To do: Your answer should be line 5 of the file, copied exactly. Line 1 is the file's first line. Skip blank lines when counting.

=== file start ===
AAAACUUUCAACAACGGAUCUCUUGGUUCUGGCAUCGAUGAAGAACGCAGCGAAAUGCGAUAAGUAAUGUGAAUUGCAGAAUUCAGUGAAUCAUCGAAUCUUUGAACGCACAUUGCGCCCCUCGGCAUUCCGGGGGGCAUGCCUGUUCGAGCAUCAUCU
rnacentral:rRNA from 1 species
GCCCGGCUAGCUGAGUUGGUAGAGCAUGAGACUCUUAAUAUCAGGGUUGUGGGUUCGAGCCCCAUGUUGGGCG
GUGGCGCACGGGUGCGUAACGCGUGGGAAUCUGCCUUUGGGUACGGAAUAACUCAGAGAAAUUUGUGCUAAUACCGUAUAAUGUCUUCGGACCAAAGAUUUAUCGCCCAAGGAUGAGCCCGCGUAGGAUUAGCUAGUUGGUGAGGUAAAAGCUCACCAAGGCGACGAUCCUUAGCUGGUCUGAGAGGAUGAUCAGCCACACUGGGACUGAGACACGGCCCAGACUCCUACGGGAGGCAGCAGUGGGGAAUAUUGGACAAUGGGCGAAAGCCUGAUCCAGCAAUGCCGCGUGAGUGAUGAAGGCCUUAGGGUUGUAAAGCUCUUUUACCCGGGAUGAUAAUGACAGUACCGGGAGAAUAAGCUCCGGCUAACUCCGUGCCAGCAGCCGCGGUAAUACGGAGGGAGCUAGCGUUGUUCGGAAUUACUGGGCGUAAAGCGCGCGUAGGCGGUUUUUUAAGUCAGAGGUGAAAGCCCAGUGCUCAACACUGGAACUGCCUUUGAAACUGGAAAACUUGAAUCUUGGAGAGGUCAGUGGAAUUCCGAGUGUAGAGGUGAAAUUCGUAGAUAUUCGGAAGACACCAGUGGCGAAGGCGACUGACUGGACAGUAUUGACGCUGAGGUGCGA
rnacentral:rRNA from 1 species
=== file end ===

rnacentral:rRNA from 1 species